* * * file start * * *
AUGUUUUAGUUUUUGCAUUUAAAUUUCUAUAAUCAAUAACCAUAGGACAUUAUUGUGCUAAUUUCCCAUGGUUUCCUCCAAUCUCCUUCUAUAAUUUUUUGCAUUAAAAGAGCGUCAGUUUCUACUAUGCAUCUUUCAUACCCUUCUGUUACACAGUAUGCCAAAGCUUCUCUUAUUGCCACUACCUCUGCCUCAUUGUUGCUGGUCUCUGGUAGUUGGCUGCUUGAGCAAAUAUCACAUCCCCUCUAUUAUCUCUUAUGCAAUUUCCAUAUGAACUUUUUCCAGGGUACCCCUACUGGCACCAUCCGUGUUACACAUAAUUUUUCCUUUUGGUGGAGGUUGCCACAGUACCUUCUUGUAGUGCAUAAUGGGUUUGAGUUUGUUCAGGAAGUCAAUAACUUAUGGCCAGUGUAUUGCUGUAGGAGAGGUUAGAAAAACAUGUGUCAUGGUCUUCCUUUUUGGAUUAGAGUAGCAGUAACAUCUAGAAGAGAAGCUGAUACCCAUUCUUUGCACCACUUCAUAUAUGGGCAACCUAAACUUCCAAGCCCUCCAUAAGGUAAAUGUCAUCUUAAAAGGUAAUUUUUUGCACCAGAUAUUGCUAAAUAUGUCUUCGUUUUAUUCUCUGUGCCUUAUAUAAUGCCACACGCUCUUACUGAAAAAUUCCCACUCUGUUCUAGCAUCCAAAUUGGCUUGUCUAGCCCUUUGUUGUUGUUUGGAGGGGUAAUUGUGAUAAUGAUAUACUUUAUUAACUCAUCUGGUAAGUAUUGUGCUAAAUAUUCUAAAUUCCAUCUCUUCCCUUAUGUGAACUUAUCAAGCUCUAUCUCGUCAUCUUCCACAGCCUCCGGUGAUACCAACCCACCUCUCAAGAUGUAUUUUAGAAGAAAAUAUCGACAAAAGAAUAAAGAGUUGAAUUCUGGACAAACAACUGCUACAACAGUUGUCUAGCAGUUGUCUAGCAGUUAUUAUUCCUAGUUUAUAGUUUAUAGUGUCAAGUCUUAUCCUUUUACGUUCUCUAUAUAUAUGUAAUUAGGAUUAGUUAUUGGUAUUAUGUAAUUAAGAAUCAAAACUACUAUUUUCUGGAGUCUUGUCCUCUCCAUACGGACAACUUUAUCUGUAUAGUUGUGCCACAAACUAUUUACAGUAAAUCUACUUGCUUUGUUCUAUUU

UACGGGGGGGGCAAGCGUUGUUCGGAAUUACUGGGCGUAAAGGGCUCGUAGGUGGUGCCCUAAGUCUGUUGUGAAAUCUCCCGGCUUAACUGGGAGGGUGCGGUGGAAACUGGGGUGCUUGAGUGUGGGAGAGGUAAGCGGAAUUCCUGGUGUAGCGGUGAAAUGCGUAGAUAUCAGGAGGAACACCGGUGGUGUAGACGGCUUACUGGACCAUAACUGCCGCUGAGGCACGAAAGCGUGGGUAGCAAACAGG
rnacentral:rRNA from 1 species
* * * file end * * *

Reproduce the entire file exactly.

AUGUUUUAGUUUUUGCAUUUAAAUUUCUAUAAUCAAUAACCAUAGGACAUUAUUGUGCUAAUUUCCCAUGGUUUCCUCCAAUCUCCUUCUAUAAUUUUUUGCAUUAAAAGAGCGUCAGUUUCUACUAUGCAUCUUUCAUACCCUUCUGUUACACAGUAUGCCAAAGCUUCUCUUAUUGCCACUACCUCUGCCUCAUUGUUGCUGGUCUCUGGUAGUUGGCUGCUUGAGCAAAUAUCACAUCCCCUCUAUUAUCUCUUAUGCAAUUUCCAUAUGAACUUUUUCCAGGGUACCCCUACUGGCACCAUCCGUGUUACACAUAAUUUUUCCUUUUGGUGGAGGUUGCCACAGUACCUUCUUGUAGUGCAUAAUGGGUUUGAGUUUGUUCAGGAAGUCAAUAACUUAUGGCCAGUGUAUUGCUGUAGGAGAGGUUAGAAAAACAUGUGUCAUGGUCUUCCUUUUUGGAUUAGAGUAGCAGUAACAUCUAGAAGAGAAGCUGAUACCCAUUCUUUGCACCACUUCAUAUAUGGGCAACCUAAACUUCCAAGCCCUCCAUAAGGUAAAUGUCAUCUUAAAAGGUAAUUUUUUGCACCAGAUAUUGCUAAAUAUGUCUUCGUUUUAUUCUCUGUGCCUUAUAUAAUGCCACACGCUCUUACUGAAAAAUUCCCACUCUGUUCUAGCAUCCAAAUUGGCUUGUCUAGCCCUUUGUUGUUGUUUGGAGGGGUAAUUGUGAUAAUGAUAUACUUUAUUAACUCAUCUGGUAAGUAUUGUGCUAAAUAUUCUAAAUUCCAUCUCUUCCCUUAUGUGAACUUAUCAAGCUCUAUCUCGUCAUCUUCCACAGCCUCCGGUGAUACCAACCCACCUCUCAAGAUGUAUUUUAGAAGAAAAUAUCGACAAAAGAAUAAAGAGUUGAAUUCUGGACAAACAACUGCUACAACAGUUGUCUAGCAGUUGUCUAGCAGUUAUUAUUCCUAGUUUAUAGUUUAUAGUGUCAAGUCUUAUCCUUUUACGUUCUCUAUAUAUAUGUAAUUAGGAUUAGUUAUUGGUAUUAUGUAAUUAAGAAUCAAAACUACUAUUUUCUGGAGUCUUGUCCUCUCCAUACGGACAACUUUAUCUGUAUAGUUGUGCCACAAACUAUUUACAGUAAAUCUACUUGCUUUGUUCUAUUU

UACGGGGGGGGCAAGCGUUGUUCGGAAUUACUGGGCGUAAAGGGCUCGUAGGUGGUGCCCUAAGUCUGUUGUGAAAUCUCCCGGCUUAACUGGGAGGGUGCGGUGGAAACUGGGGUGCUUGAGUGUGGGAGAGGUAAGCGGAAUUCCUGGUGUAGCGGUGAAAUGCGUAGAUAUCAGGAGGAACACCGGUGGUGUAGACGGCUUACUGGACCAUAACUGCCGCUGAGGCACGAAAGCGUGGGUAGCAAACAGG
rnacentral:rRNA from 1 species